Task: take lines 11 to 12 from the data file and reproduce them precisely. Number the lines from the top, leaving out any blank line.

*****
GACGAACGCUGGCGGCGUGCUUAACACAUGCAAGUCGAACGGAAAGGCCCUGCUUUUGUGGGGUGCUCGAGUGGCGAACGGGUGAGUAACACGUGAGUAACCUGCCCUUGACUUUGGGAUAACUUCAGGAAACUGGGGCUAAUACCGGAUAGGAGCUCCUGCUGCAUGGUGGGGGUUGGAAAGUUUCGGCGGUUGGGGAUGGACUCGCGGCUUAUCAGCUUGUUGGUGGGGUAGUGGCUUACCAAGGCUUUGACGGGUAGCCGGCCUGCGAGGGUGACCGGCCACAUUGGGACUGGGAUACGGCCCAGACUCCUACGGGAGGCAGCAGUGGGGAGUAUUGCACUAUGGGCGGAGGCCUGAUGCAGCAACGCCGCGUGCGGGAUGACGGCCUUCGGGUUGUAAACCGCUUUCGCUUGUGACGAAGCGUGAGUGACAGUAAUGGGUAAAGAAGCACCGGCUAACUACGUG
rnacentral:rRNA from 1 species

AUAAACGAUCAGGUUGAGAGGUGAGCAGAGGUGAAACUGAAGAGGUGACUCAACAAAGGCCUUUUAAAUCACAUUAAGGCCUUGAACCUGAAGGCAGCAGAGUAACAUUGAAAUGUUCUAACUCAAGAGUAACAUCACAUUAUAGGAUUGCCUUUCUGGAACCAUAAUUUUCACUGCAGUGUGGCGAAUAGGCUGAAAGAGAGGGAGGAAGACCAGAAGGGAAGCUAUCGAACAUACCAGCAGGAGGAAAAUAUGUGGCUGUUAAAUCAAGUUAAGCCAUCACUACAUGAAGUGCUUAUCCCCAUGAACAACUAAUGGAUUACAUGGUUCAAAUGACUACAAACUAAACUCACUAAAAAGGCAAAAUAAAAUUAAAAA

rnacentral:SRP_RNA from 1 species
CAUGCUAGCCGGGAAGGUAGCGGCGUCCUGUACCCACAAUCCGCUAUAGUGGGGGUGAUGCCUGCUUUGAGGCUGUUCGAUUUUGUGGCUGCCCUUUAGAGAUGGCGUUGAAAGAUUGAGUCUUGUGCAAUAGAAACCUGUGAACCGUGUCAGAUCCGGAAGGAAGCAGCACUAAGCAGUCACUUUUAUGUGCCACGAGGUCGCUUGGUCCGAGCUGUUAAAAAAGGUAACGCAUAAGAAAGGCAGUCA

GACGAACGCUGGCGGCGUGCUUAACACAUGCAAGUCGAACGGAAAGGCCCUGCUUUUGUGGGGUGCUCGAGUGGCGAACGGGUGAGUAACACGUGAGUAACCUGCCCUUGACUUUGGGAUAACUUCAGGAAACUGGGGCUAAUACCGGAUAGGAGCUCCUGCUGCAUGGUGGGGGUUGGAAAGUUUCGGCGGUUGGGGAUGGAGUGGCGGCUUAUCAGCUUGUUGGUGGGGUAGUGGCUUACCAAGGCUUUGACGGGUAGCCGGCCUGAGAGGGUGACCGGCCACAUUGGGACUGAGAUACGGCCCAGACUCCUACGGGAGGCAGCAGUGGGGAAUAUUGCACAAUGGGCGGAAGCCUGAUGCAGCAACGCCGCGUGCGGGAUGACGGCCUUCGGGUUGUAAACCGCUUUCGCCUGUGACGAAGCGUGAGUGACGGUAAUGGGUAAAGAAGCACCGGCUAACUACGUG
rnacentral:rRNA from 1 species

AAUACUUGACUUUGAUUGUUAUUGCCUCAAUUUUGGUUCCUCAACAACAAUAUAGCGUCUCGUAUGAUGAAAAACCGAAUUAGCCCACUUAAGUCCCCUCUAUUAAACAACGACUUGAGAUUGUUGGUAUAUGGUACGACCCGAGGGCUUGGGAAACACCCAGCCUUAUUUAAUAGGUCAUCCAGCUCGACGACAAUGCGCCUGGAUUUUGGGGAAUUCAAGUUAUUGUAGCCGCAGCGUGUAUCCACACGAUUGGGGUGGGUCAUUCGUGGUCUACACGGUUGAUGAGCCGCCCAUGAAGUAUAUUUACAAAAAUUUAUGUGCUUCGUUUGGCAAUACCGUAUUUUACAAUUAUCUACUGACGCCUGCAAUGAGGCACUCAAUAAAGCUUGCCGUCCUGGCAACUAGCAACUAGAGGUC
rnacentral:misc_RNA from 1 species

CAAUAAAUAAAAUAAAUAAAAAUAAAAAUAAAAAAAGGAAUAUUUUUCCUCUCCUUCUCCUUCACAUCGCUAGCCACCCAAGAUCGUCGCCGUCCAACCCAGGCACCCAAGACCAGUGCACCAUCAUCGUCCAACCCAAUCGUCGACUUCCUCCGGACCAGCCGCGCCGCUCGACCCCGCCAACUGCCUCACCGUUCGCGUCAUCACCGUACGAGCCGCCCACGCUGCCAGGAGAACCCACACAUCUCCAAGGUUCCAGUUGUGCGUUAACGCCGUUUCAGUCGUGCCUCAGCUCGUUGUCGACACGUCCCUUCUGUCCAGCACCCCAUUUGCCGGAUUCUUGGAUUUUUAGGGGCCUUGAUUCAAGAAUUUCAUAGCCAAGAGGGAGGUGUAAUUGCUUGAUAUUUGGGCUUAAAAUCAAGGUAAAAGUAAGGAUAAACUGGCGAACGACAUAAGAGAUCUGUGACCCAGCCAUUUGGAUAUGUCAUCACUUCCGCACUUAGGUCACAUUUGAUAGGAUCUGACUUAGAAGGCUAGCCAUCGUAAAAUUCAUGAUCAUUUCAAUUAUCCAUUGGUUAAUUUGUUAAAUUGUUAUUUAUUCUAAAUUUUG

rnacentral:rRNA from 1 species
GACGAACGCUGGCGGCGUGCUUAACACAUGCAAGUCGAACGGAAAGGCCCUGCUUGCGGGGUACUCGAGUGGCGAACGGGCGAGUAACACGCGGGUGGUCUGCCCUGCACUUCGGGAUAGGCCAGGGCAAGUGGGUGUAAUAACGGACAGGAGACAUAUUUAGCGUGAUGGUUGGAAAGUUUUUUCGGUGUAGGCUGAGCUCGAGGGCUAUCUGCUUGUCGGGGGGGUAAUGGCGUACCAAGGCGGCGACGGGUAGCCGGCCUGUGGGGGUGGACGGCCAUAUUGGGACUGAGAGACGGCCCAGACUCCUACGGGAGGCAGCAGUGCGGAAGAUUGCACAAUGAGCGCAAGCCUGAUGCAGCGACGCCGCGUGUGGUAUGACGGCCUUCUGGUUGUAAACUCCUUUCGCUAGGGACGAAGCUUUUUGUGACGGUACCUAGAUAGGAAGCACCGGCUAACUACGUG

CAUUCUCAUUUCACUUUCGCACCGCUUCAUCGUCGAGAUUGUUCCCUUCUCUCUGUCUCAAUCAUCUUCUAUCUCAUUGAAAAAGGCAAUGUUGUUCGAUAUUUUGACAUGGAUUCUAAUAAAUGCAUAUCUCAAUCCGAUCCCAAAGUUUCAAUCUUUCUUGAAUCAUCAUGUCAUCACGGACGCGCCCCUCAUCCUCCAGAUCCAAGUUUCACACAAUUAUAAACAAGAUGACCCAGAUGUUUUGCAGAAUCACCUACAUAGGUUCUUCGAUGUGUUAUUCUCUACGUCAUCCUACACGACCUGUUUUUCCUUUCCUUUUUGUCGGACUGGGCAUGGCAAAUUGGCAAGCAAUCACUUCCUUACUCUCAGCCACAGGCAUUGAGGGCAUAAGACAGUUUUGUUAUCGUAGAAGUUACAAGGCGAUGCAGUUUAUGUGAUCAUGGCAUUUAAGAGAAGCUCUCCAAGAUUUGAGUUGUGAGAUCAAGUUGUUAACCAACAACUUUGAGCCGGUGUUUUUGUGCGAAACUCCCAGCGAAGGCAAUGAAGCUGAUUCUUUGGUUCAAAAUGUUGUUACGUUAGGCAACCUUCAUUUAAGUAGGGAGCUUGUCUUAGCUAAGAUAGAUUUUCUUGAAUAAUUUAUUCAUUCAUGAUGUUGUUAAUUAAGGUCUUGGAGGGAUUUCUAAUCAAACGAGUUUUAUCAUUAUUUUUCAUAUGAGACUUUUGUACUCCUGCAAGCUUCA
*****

rnacentral:rRNA from 1 species
GACGAACGCUGGCGGCGUGCUUAACACAUGCAAGUCGAACGGAAAGGCCCUGCUUGCGGGGUACUCGAGUGGCGAACGGGCGAGUAACACGCGGGUGGUCUGCCCUGCACUUCGGGAUAGGCCAGGGCAAGUGGGUGUAAUAACGGACAGGAGACAUAUUUAGCGUGAUGGUUGGAAAGUUUUUUCGGUGUAGGCUGAGCUCGAGGGCUAUCUGCUUGUCGGGGGGGUAAUGGCGUACCAAGGCGGCGACGGGUAGCCGGCCUGUGGGGGUGGACGGCCAUAUUGGGACUGAGAGACGGCCCAGACUCCUACGGGAGGCAGCAGUGCGGAAGAUUGCACAAUGAGCGCAAGCCUGAUGCAGCGACGCCGCGUGUGGUAUGACGGCCUUCUGGUUGUAAACUCCUUUCGCUAGGGACGAAGCUUUUUGUGACGGUACCUAGAUAGGAAGCACCGGCUAACUACGUG